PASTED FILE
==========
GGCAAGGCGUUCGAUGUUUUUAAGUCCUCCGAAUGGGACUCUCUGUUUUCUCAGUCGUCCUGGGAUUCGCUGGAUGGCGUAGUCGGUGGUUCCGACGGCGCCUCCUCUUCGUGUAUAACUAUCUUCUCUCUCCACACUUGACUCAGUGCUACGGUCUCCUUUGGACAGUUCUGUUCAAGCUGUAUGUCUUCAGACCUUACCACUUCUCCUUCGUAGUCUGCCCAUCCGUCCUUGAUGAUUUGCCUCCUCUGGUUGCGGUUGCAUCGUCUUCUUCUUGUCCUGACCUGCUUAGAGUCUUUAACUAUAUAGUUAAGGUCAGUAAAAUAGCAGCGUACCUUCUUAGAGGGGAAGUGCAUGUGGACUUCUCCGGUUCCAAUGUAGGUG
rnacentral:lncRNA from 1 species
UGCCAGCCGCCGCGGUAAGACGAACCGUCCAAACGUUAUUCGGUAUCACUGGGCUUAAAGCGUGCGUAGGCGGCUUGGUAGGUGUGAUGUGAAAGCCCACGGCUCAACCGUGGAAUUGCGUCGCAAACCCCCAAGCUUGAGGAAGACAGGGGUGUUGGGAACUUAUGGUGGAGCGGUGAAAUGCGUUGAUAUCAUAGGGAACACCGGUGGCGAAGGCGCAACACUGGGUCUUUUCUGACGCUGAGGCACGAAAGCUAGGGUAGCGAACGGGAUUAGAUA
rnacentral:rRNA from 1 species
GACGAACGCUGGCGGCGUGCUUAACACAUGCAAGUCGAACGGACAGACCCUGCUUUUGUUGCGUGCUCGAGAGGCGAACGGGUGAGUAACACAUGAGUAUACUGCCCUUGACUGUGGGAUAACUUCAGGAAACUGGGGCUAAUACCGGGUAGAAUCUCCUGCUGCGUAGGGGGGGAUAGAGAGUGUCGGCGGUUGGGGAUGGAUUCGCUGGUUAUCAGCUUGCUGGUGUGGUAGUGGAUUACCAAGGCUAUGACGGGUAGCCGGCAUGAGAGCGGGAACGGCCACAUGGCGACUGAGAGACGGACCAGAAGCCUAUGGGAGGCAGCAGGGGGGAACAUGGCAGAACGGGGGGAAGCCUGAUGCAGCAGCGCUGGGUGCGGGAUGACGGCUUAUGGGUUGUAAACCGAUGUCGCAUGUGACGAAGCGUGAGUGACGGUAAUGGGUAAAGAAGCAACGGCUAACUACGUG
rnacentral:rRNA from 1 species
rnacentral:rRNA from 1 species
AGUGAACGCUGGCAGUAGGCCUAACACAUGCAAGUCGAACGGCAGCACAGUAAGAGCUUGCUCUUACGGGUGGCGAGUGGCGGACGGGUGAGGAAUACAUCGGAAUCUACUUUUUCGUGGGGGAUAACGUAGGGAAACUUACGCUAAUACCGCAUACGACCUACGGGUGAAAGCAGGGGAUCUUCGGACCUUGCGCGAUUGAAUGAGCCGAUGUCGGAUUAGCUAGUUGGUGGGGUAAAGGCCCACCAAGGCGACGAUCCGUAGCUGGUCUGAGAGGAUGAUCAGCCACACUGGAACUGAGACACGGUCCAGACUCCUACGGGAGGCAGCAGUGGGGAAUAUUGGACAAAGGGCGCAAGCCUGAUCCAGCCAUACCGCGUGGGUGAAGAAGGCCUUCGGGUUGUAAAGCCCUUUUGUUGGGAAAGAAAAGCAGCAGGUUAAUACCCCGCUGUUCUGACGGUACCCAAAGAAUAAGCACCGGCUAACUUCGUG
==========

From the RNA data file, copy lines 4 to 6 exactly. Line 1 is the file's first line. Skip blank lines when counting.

rnacentral:rRNA from 1 species
GACGAACGCUGGCGGCGUGCUUAACACAUGCAAGUCGAACGGACAGACCCUGCUUUUGUUGCGUGCUCGAGAGGCGAACGGGUGAGUAACACAUGAGUAUACUGCCCUUGACUGUGGGAUAACUUCAGGAAACUGGGGCUAAUACCGGGUAGAAUCUCCUGCUGCGUAGGGGGGGAUAGAGAGUGUCGGCGGUUGGGGAUGGAUUCGCUGGUUAUCAGCUUGCUGGUGUGGUAGUGGAUUACCAAGGCUAUGACGGGUAGCCGGCAUGAGAGCGGGAACGGCCACAUGGCGACUGAGAGACGGACCAGAAGCCUAUGGGAGGCAGCAGGGGGGAACAUGGCAGAACGGGGGGAAGCCUGAUGCAGCAGCGCUGGGUGCGGGAUGACGGCUUAUGGGUUGUAAACCGAUGUCGCAUGUGACGAAGCGUGAGUGACGGUAAUGGGUAAAGAAGCAACGGCUAACUACGUG
rnacentral:rRNA from 1 species